Have you ever asked yourself the question, 'What's stopping me?'.
Why you can't stick to your goals, be it eating well, moving your body or not working too much? Chances are you're making up excuses to let yourself off the hook.
"Some of the most common excuses I hear from people are 'I don't have time', 'I'm too old', 'I'm injured', 'I'm too tired', 'I'm not as fit as I used to be'. How do these excuses start? They begin as a protective measure to avoid pain, your pride, your ego -- it's our way of avoiding the truth," performance trainer Scott Evennett told HuffPost Australia.
And Evennett knows his stuff. He served in the Australian Special Operations Command (SOCOMD), as an Australian Commando, focusing on counter terrorism and counterinsurgency across Australia and the Middle East. After eight years' service and four operational deployments he has now works in the field of performance-based human development.
"The issue is these excuses keep piling up on top of each other and we begin to actually believe they are the truth. It's like a bunch of small lies you keep telling yourself that make you feel better short term. Excuses free you from responsibility and from ownership and today's society is full of them. They surround us on a daily basis and other people provide them for us," Evennett said.
"Because you are 'tired, injured or old' you tell yourself you don't have to train hard this week, work too hard, eat healthily or get up early. Many people will offer you an excuse to end your suffering, though you need to find the people who offer you a challenge in these times instead. Only you can let go of your excuses, no one can do it for you. Quit the self-destructive behaviour, learn to master yourself. You are responsible for your own happiness."
Using his Special Forces experience, Evennett has developed training programs programs based on his military knowledge as well as his experience with competitive gymnastics, professional soccer, competitive body building, Crossfit and competitive Ninja Warrior obstacle course challenges.
All of his online programs have a strong emphasis on mental and physical development. His most popular product offering is a 12-week mentoring package that incorporates custom training, nutrition and mindset lessons.
Evennett's top tips for finding motivation:
Forget motivation, it's starts with discipline. Discipline is what drives our actions when we lack motivation. When we don't have the internal push to keep us going forward we rely on discipline to drive us.
Something the army teaches people is the art of self-discipline, it's instilled in us from day one at Kapooka, throughout Special Forces Selection and until the day you discharge and it's something you never forget.
Take a look around at the people you admire and look up to. What sets them apart from others? What makes them leaders is their self-discipline.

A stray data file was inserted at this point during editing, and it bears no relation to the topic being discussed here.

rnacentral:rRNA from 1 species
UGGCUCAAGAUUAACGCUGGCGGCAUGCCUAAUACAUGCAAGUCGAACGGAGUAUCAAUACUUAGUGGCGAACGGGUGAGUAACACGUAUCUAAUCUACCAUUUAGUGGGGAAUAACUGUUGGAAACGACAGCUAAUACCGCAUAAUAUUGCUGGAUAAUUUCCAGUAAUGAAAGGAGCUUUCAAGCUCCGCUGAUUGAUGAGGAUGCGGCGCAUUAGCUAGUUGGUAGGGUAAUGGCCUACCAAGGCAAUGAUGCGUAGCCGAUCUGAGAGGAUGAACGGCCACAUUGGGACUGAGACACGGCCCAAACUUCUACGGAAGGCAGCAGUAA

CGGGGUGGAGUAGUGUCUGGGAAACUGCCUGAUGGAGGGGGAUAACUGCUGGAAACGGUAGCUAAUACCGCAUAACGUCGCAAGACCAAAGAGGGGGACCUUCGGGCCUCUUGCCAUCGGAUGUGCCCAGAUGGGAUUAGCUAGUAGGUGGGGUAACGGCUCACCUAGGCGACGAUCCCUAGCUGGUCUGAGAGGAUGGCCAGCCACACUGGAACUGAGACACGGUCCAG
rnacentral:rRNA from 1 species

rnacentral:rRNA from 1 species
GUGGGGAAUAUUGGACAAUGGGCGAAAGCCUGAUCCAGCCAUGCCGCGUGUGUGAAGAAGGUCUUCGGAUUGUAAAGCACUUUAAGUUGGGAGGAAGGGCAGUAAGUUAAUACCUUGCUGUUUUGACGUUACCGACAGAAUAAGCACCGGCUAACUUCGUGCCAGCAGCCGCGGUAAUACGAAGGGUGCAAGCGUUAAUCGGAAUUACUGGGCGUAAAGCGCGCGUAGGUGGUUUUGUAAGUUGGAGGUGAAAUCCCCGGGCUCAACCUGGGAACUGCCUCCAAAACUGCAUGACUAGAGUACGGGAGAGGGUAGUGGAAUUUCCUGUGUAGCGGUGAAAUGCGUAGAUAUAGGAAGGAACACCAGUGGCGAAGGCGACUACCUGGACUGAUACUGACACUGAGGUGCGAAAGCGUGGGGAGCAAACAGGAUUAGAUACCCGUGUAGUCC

Without a clear path ahead people lack the motivation to keep going. It's proven among Special Forces Soldiers that those who pass the testing criteria have clear short and long term goals in place. They have a purpose for where they are going. Goal setting ensures you stay focused on the task at hand and don't waver from the plan.
If you see yourself succeeding, your chances of achieving your goals are much higher. Mental visualisation isn't just for athletes -- everybody should incorporate it into their daily routine.
Positive Self Talk.
Check yourself on negative self-talk. Switch "I can't do this" for "I will do this". Acknowledge negative words you use regularly and each time you use them take a moment to think of a more positive one to replace these with. You can change your own emotional pattern through positive self-talk, you just have to be willing to try.
If you've tried before and 'fallen off the wagon', Evennett believes it's because you didn't have a clear enough mission plan to begin with.
"In the military nothing happens without a plan. We call this 'mission planning' and I guarantee if you begin your health and fitness journey without a plan then you will fail.
"My advice is don't try to do it alone. Get a coach or mentor to help you set out your path -- it's okay to ask a professional for help until you build better self-motivation. Success doesn't just happen -- it's planned for -- proper planning and preparation prevents poor performance. And lastly, just start. Don't keep making bullshit excuses to delay starting," Evennett said.
How to mission plan:
• What's your purpose? Set the intent.
• What's the first target? Identify the objectives.
• Evaluate your options. Identify the most effective way to reach your goals.
• Choose your tribe. Determine the right people around you, you need to succeed.
• Set a timeline to hit your targets.
• Start. The only way to improve is to begin. Execute your plan.
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